Abuja — Roughly two out of three sub-Saharan Africans - around 600 million people - have no access to electricity. Incidentally, approximately the same number remain without a mobile subscription. What could this connote? That a majority of people remain underprivileged with no or minimal access to modern-day facilities, and this could prevent them from connecting with other African and global economies. Well, that's like saying the glass is half empty. Can we say that it's not even half full, so that so much more can be poured into this promising vessel called Africa?
According to the World Bank's Africa's Pulse survey, announced in April, economic growth in sub-Saharan Africa continues to rise from 4.7% in 2013 to a forecasted 5.2% in 2014, well above the projected global average of 3% in 2014. Makhtar Diop, the World Bank Group's vice-president for Africa, noted that many African countries now routinely figure among the world's fastest-growing countries. The World Bank estimated that net foreign direct investment (FDI) inflows to this region grew 16% to $43 billion in 2013. According to UNCTAD's 15th Global Investment Trends Monitor, published in January, global FDI inflows rose by 11% in 2013, to an estimated $1.46 trillion.
While this clearly shows that the increase in FDI inflow in the sub-Saharan region exceeded that of global FDI inflow, it constituted less than 3% of global FDI inflows in actual numbers. Developing Asia, attracting an estimated $406 billion in 2013, remained the largest host region in the world, hogging well over 27% of the world's FDI inflows.
So, what can sub-Saharan economies learn from these findings?
Taking into account all the aforementioned facts and findings, let's examine the potential for sub-Saharan economies. Firstly, it's a highly unsaturated market: improved supply and management of energy, plus better connectivity, have the potential to spur economic growth. The underdeveloped nature of the economy is part of what makes it so compelling.
Secondly, the sub-Saharan region may have a world-beating economic growth rate, but it still vies for a better share of FDI inflows.
Increased domestic consumption fuelled this growth, but more global investment should be attracted to “connect” with global players, and this means improving the existing set-up.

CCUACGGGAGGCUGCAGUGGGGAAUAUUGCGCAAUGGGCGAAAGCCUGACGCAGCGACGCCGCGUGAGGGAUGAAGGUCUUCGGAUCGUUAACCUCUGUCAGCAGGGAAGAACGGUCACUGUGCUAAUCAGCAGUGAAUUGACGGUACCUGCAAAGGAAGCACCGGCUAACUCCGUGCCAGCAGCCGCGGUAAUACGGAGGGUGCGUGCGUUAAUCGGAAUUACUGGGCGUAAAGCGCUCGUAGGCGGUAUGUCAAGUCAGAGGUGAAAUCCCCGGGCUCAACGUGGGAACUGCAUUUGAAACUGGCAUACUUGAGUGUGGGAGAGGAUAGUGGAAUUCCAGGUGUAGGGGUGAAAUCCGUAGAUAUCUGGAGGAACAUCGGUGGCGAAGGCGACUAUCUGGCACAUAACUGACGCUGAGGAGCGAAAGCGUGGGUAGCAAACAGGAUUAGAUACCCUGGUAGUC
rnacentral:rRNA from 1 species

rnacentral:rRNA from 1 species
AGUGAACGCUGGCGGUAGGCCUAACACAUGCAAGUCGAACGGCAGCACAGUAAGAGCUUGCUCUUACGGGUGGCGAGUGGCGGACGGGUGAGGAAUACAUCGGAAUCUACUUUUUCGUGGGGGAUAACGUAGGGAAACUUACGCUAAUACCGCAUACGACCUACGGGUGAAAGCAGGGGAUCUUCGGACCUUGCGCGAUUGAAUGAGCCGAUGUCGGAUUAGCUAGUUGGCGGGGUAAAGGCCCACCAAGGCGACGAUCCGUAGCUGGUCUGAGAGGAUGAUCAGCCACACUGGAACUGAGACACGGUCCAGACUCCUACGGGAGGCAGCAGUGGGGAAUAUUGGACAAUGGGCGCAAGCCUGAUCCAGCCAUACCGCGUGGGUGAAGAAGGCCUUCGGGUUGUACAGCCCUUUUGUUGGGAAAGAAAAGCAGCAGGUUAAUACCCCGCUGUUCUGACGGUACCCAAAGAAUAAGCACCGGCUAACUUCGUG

While sociopolitical factors can determine the economic attractiveness of a region, what really counts is the amount it invests in infrastructure. Besides advancing a physical framework for education, health, banking, roads, housing, sanitation and more, the sub-Saharan region needs to invest in powering (and empowering) itself.
In June last year, President Obama announced a new project called Power Africa, where he pledged more than $7 billion in financial support and promised to double the number of people with access to power in sub-Saharan Africa by adding more than 10,000 megawatts to its capacity for clean, efficient electricity generation. But adding capacity alone is not a sustainable power solution; management is important too.
We have seen developing nations such as India leapfrogging the technology trends. A similar jump is being observed in telecom preferences in Africa, and I believe something similar can happen in the case of power management, too. Conspicuous in developed economies, “smart grid” solutions have been successful in alleviating energy conservation woes. First-world technology companies will play an important role in the transformation of sub-Sahara - but only those with tried-and-tested knowledge of similar undertakings will be able to help.
The 48 countries in sub-Saharan Africa house roughly 900 million people.
The region's population growth outpaces any other in the world. It's time that adequate facilities and measures are built to support it. The partial telecommunications coverage needs to be addressed. Better connectivity would allow mobile payments, telemedicine, education through video-conferencing and, generally, better communications with the rest of the world.
A healthier, better educated and more connected population can generate the money needed to sustain and develop the infrastructure; they can contribute to sub-Sahara's economic growth, and keep Africa connected to the rest of the world.
Author: Prasad Kotikela is Head and Director of Telecom & BPO, Tech Mahindra.